My son, once again, has been evicted from yet another group home. Lake James was a great place for him, in that 98 percent of it’s residents suffered from mental illness, many were around Doug’s age, and most of them, because of their mental state, seemed accepting of Doug. All of the places prior to Lake James were ill-equipped to handle one with such a severe mental illness. The staff at Lake James took interest in learning more about paranoid schizophrenia through Doug, rather than just waiving him off and sending him to a corner. They talked with him, made notes about his behavior and his moods. They got to know him as a person with real needs and real feelings rather than just an annoyance to be dealt with.
Hmmm, an annoyance to be dealt with. Interesting choice of words. I myself, as Doug’s mother, often thought of Doug as just that…. an annoyance to be dealt with. The relief that entered my very being the day I finally found a living facility years ago that would accept him felt like my first drink of cool, cool water after an endless walk in a hot, dry desert. The relief I felt that day, years ago, was quickly replaced by the smothering guilt that I still carry today.
When I got the call from Lake James late one evening a few weeks ago, my first emotion was anger. I was so mad at Doug for losing control again. He attacked an elderly resident that had been taunting him and calling him names. I’ve told him over and over again, to just walk away from people like that and to ignore their hurtful words. Why won’t he listen to me?
Of course, my anger subsided as I answered my own question. He does listen to me, he just can’t control the pain and the rage. Just as I can’t know how much rage hurtful, taunting words stir up inside him. He was taunted and picked on, and bullied all of his childhood. Everyday of his life someone has made him feel bad about himself, if not a classmate, or a family member, or a complete stranger, then someone inside his head has told him how different and strange he is. I recall, with absolute clarity, his 2nd grade teacher saying to me, right in front of Doug, “He’s different from all the other children. What’s wrong with him?” If I can remember, and feel the pain of those words 26 years later, I can only imagine the emotions that memory stirs inside him.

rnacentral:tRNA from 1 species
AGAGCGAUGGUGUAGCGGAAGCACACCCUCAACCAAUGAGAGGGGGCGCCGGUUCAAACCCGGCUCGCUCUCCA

So, my anger subsided as the girl from Lake James explained to me what happened and told me that they could either send him to another facility in the same town they are located, or to a place in Greensboro, N.C. She said they needed to know that evening because he needed to be out of there in the morning. As my mind raced concerning transportation (my car is on it’s last leg) she explained that the facility in town is not one that she would recommend. She said it housed a lot of criminals. She said the home in Greensboro is actually owned by the same people that own Lake James Lodge and is operated in much the same way and that even though it is further away she would suggest it rather than the nearby place. My mind still reeling from this bad news I was glad to hear a solution as to where he would go next, because there are not a lot of choices. He’s burned many bridges. She said they would be happy to drive him there in the morning as long as I give them the go ahead. I was so relieved to hear that they would take him there that of course I agreed to it.
I had almost said to her that I would just bring him home, because going down this road again of looking for a place for him was just to daunting a task. He has a pattern of getting himself kicked out of a facility so that hopefully his family will bring him back home. That’s all he’s wanted for such a long time…. just to come home again. My anger had turned to pity and empathy. Of course he wants to come home. Why wouldn’t he want to? This is where his entire life has been. This is where his Nanna and Pap coddled him and spoiled him, and made him feel really special. This is where the love was. This was the town where his only boyhood memories reside. This is where his only childhood friend lived. Why shouldn’t come home? As Nurse April explained the events that took place earlier in the evening that lead to Doug’s eviction, more answers to the questions in my heart began being answered . She spoke of the rage in Doug’s eyes. She told me that in trying to calm him down, he drew back his fist at her and his nostrils flared and eyes glazed over. As she spoke, clear memories of such nights came into my head. So many times when he’d go mad for no apparent reason and I wouldn’t be able to reign his anger in. So many holes punched in bedroom walls and doors. So many curse words screamed at the top of his lungs. So many visits from the police.
“Kill me! Go ahead and kill me you pigs! My fucking mother would love to see you shoot me. It’s what she wants. It’s what her husband wants. They all want me DEAD! Shoot me mother fuckers. I don’t give a shit!”
In the next instant he would be sobbing and begging me to forgive him. “Are you still my mom? I can’t lose you.”
Memories of the toll all the many altercations took on the family, particularly my younger children who were hiding in closets and crying fearfully came rushing to the surface of my brain with all to vivid images that I tried so long ago to bury.
“Yes April, Greensboro sounds fine. Let him know that I’ll give him time to get settled in there and call him tomorrow. April, thank you for everything you guys have done for him.””